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Addiction and the Brain

Editor Dan Schimmel, LCSW, CAP
Created On
Updated On

ImageMany people believe that overcoming an addiction is nothing more than “mind over matter,” however, this is not typically true. In other words, quitting cold turkey, with nothing more than willpower, is easier said than done.

Did you know the word “addiction” comes from the Latin term “bound to?” Anybody who has attempted to beat an addiction in the past, regardless of the outcome, understands exactly what this word and its history means.

In short, addiction influences the brain in three ways:

  • Craving for drugs and/or alcohol
  • Continued involvement with the substance despite the negative impact
  • Loss of control over its use

Nobody uses drugs or alcohol with the hope of becoming addicted. That being said, this often times happens sooner rather than later. With increased use the chance of an addiction continues to grow.

Telling Statistics

If you believe you are alone in your fight against an addiction, take a closer look at these statistics:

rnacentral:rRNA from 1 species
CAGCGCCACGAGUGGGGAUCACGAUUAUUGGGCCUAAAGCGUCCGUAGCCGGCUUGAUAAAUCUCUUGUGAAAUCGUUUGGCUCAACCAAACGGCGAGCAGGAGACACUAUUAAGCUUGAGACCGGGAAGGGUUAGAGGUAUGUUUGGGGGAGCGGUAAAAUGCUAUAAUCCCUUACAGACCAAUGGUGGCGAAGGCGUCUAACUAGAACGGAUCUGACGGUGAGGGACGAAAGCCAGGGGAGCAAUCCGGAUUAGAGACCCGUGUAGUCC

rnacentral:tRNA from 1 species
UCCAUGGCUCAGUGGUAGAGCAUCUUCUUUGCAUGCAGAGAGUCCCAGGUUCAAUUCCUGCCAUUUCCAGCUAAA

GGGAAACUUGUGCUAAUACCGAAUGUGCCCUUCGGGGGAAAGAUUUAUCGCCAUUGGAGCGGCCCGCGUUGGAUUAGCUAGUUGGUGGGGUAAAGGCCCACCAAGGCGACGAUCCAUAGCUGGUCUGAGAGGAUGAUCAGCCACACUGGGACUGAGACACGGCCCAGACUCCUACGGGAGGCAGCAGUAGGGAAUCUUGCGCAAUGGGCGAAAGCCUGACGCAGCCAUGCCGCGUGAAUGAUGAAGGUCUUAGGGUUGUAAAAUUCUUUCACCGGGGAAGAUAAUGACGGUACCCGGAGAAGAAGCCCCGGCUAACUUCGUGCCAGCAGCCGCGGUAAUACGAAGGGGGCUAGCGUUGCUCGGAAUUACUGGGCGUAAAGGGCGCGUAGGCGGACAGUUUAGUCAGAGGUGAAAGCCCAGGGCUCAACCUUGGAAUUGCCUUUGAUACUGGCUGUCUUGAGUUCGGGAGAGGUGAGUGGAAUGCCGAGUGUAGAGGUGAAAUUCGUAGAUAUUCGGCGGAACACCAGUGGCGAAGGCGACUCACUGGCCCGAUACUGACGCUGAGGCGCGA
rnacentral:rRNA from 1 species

• More than 66 percent of people with an addiction abuse alcohol
  • There are approximately 23 million Americans who are addicted to some type of drug or alcohol
  • The most common drugs leading to an addiction include: cocaine, opioid pain relievers, and marijuana

Many years ago when researchers first examined what caused addiction, it was believed that these people had no morals or lacked the willpower necessary to avoid drugs or alcohol.

Over the years, scientific evidence, along with a variety of research studies, have changed this way of thinking. In today’s world, people now realize that addiction is a disease that alters the way the brain functions.

If you are addicted to drugs or alcohol, you crave the substance because of the way it will make you feel. It takes a dedication to overcoming this problem, often with the help of a rehab facility, to leave your addiction in the past.

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